All I wanted in life was to be ordinary, a face in the crowd that others would soon forget. Individuality was my enemy. Uniqueness was something to be destroyed. My faith in God, which has always been one of the most important parts of my life, was placed in dire jeopardy. I would frequently yell at Him, demanding an answer to why He had made me this way, and why I couldn’t be just like everyone else.

My entrance into high school only increased the “impossibility” of overcoming this obstacle that was restricting me from achieving my potential. Regardless of how diligently I focused on remaining indifferent to my peers’ frequent persecutions, I knew that these remarks were devouring what little self-respect remained. My quest to fade into normalcy had blatantly hit a brick wall, and the only way to overcome it and move forward was to reverse and never return to that dreary dead-end alley that could only lead to self-destruction.

This serendipitous epiphany forced me to realize that for my entire life, I had been fighting myself. I was my biggest enemy. My own mind and asinine sense of judgment had been destroying my life – not society, not other people, not the media. I was. Once I finally acknowledged this fact, it was as if every single shackle that had been keeping me enslaved within myself was immediately dissolved. Happiness was now attainable, true indifference to what others thought was now possible. For the very first time in my life, I could be myself, and I’ve never relished anything as much.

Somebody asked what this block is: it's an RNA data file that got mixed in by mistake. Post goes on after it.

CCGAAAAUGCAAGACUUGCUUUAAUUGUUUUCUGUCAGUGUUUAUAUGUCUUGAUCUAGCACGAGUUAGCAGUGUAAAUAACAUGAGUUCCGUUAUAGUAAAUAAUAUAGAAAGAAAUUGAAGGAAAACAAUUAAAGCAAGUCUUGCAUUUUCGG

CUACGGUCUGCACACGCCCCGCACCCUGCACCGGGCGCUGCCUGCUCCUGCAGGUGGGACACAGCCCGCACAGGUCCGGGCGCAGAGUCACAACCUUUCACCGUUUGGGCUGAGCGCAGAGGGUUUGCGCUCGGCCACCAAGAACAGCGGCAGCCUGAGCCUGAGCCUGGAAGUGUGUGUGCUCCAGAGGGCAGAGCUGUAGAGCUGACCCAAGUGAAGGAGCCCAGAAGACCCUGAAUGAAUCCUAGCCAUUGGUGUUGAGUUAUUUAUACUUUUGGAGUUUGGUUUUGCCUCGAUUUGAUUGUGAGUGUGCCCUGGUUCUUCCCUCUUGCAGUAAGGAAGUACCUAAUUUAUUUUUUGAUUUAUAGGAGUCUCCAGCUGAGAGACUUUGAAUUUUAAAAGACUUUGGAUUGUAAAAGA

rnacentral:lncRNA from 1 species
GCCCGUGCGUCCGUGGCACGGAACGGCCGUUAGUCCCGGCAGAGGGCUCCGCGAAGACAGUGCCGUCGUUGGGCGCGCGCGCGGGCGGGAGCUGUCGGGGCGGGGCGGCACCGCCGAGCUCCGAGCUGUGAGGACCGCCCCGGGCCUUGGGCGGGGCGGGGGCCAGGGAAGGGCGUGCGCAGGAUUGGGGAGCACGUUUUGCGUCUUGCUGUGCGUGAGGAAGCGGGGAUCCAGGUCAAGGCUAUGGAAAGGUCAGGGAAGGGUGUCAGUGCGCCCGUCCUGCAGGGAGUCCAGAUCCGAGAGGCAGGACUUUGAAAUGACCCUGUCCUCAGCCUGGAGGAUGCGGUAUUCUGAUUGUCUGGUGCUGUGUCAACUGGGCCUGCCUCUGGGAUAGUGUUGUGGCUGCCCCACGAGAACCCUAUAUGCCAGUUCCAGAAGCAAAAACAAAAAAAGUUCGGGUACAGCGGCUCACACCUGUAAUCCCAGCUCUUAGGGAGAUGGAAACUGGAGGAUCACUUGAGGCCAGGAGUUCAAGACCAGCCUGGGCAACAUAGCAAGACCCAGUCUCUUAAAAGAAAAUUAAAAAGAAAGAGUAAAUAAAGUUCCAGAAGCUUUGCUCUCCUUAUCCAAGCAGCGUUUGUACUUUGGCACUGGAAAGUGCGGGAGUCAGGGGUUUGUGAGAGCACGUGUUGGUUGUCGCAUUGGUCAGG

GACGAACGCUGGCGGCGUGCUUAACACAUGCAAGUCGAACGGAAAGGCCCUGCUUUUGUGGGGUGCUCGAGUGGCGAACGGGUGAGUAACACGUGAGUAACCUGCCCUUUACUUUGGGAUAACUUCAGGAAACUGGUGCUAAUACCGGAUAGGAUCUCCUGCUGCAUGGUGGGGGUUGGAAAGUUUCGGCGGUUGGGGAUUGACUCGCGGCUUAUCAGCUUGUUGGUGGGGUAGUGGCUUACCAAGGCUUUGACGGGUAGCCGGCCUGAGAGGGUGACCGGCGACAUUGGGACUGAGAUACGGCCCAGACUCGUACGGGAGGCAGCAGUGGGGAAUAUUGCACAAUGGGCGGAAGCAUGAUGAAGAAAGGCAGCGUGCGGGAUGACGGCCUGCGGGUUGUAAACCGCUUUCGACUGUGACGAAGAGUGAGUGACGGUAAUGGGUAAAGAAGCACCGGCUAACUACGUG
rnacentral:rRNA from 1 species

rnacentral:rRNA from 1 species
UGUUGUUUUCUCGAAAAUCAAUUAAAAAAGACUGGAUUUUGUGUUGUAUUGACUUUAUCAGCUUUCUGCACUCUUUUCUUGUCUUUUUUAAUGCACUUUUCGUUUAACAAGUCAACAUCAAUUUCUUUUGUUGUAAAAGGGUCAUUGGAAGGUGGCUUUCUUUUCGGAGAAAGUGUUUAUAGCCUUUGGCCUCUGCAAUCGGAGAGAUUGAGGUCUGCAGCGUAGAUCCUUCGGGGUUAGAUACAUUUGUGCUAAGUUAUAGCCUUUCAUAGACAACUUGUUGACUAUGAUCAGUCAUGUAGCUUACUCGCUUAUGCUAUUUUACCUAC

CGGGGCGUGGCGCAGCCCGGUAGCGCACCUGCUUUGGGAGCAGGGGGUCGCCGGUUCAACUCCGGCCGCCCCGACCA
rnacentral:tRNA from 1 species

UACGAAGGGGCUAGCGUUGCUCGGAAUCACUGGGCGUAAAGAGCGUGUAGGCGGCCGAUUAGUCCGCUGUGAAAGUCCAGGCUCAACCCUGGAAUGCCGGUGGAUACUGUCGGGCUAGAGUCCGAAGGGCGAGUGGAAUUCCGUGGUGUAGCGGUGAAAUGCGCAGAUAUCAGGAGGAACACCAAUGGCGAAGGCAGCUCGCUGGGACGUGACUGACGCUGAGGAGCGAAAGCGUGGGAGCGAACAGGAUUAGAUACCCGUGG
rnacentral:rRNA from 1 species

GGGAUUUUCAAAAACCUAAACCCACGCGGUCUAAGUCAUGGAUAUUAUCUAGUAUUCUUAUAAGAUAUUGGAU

Accepting myself as a homosexual was one of the greatest obstacles I have ever had to overcome and one of the most momentous and happiest moments of my life. Maybe Angela was right. Maybe there really isn’t anything worse in life than being ordinary. Overcoming this obstacle has taught me to always seek your true individuality and to embrace it.

My pastor will occasionally recite a proverb he believes: “God only gives you what you’re capable of handling.” Throughout my life and my struggle to overcome this obstacle, I have found that proverb to be nothing short of the absolute truth. Now I understand why God chose to make me this way. He knew I could handle it; He knew I would eventually embrace my individuality with great earnestness, and He knew I’d overcome this obstacle.